End of tangent.

I finally understand how a single-axis Kalman filter might work, but it won't solve the problem at hand, which is cross-axis coupling between yaw rate and pitch/roll angle on the quadrotor. I'm not quite ready for a full 3D angle representation, though. I'm a fan of inexpensive hardware like the KK2.0 or my recently-acquired HobbyKing MultiWii clone, both of which are under $30 and have a full 6DOF inertial sensor set (plus more, in the case of the MultiWii clone). However, they use 8-bit fixed-point processors that would struggle to do the math required for a full 3D angle estimation algorithm.

Actually...that's not really true. As far as I can tell from reading the source code, MultiWii now implements an angle estimation algorithm that covers any possible orientation and would have no trouble handling the yaw-while-not-horizontal scenario. It's based on a complementary filter and uses an interesting representation that (I think) would not have problems with gimbal lock. (Pitch and roll are always uniquely defined based on the orientation of the gravity vector with respect to the frame. Heading is treated separately.) Interestingly, the problem of yaw while not level is addressed in the second page of this development thread.

I guess the real reason why I want to implement a simple complementary filter is because I will always prefer a piece of code that I developed from start to finish, even if it's inferior to something that already exists. I like understanding how all the pieces work, including their limitations. So, I'd rather make a small improvement to my existing angle estimation code that solves the problem of yaw rate coupling. With that in mind, I erased my MultiWii and started from scratch...

// integrate pitch rate into pitch angle
int_pitch = angle_pitch + gyro_pitch * DT;
// integrate component of yaw rate into pitch angle
int_pitch += angle_roll * INV_RAD * gyro_yaw * DT;
// filter with error feedback from pitch accelerometer
error_pitch = accel_pitch - int_pitch;
angle_pitch = int_pitch + AA * error_pitch;

// integrate roll rate into roll angle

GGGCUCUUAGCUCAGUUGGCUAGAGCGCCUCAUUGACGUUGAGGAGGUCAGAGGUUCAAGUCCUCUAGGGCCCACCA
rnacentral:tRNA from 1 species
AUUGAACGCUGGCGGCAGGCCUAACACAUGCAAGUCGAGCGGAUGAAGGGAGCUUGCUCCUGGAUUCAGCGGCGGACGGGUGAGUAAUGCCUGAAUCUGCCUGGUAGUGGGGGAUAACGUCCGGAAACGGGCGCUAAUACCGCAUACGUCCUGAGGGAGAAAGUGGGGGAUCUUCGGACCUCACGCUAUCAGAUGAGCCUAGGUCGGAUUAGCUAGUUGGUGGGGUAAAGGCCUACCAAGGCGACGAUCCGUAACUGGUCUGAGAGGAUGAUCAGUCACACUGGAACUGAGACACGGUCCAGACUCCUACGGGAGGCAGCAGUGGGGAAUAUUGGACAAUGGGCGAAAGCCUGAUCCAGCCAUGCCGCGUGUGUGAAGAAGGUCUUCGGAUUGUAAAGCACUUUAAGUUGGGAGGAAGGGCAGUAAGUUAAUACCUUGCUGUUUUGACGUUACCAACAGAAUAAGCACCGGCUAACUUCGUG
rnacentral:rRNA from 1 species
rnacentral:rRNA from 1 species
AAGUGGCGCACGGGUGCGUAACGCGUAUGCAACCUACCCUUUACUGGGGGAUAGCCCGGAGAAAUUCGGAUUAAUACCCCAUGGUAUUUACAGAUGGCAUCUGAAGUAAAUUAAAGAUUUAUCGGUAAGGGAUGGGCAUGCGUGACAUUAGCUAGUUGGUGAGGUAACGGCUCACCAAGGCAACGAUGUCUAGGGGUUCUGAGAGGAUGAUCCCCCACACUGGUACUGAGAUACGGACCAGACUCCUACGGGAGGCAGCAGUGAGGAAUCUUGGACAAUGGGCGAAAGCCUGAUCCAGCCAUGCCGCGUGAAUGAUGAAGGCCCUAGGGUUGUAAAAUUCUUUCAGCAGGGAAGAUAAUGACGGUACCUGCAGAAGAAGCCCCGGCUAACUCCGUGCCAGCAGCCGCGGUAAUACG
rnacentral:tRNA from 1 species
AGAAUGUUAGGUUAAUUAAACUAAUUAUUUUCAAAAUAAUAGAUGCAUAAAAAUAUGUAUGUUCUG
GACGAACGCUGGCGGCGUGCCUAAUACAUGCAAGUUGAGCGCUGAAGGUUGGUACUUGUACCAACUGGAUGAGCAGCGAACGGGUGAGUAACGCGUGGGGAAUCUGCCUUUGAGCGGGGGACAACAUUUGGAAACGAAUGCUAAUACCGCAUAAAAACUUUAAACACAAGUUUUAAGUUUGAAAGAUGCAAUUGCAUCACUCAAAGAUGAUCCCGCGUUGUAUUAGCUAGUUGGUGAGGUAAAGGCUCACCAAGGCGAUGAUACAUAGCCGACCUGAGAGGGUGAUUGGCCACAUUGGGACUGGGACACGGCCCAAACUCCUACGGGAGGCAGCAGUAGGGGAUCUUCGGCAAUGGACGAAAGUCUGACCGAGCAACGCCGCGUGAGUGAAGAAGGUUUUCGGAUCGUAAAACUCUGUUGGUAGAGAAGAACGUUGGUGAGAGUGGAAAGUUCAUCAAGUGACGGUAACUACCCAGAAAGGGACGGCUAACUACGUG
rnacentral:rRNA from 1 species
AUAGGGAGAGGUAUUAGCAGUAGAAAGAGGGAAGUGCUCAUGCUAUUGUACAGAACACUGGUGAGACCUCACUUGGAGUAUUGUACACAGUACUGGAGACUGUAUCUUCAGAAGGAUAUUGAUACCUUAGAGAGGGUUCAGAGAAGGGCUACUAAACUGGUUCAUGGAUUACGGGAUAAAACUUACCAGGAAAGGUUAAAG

int_roll = angle_roll + gyro_roll * DT;
// integrate component of yaw rate into roll angle
int_roll -= angle_pitch * INV_RAD * gyro_yaw * DT;
// filter with error feedback from roll accelerometer
error_roll = accel_roll - int_roll;
angle_roll = int_roll + AA * error_roll;

This Implementation #3 again, but with an extra term to include a component of yaw rate in the integration from the previous angle to the gyro-only new angle estimate. The component of yaw rate integrated into pitch is proportional to the roll angle. The component of yaw rate integrated into roll is proportional to the (negative) pitch angle. This linear approximation should hold for small angles (less than 30º) to within 5%. It should provide reasonable performance at the cost of two extra lines of code with some multiplies (still no trig).

To test it, I made a MultiWii-on-a-stick that I could spin around in a cordless drill...



Since it obviously couldn't be USB-tethered, this required an on-board battery and an XBee radio connected to the TX pin of the ATmega328. (It's broken out for use with an external serial LCD module.) This way, I could power it, tilt to some angle, and yaw like crazy while collecting data wirelessly.


First, I did a test with the yaw terms turned off, making the two complementary filters independent again. This is what I have running on 4pcb, but 4pcb is so twitchy anyway I wouldn't have noticed any quirks with yaw-while-not-horizontal. As expected, at a constant angle of about 30º to horizontal, yawing causes the pitch and roll angles to do strange things:


The complementary filter was set to a time constant of 0.99s, so even a modest yaw rate of 65º/s was enough to cause major offset problems due to the accelerometer lag. At higher rates (570º/s), it's hopeless. The filter barely has time to react before a complete rotation is finished, so it barely registers a change in orientation at all. Here's what it looks like in phase space:


If all were working as it should, the initial -30º roll angle would trace out a circle of 30º radius (yes, the radius is now measured in degrees) as it transforms into pitch angle, then back to roll, etc. Clearly, all is not working as it should. At the higher yaw rate, the "circle" becomes a blob off in one corner.

With the extra integration terms from the yaw rate turned on , the result is much better:




Now it seems to have no trouble with yawing at any rate right up to the gyro limit of 2000º/s. The initial angle traces out a nice circle in phase space as the yaw rate shifts it back and forth between pitch and roll. There's a little bit of skew, but it could very likely be from my hack spinny board mount.

So that fixes the yaw problem. I can already think of other minor tweaks to make that wouldn't cost any trig or matrix math. But I think this was the biggest of them. Now that I've taken care of reading in sensors and estimating angles, I think I should have no trouble finishing up my ultra-simple MultiWii control software. My goal is to have a working flight controller in less than 500 lines of (Arduino) code. (The sensor reading and angle filtering code is only 150 lines, 4pcb's entire flight controller is 495 lines.)  

It will only work for "small angles", but with +/-30º of pitch and roll range (45º in a pinch), it should handle the non-acrobatic flying that I do. Maybe when I get myself an STM32F3Discovery board I will do a full 3D flight controller with real math. In the mean time, I'll also attempt to implement the yaw decoupling terms on the KK2.0, but that will be a bit harder since it's all written in assembly.

28 comments: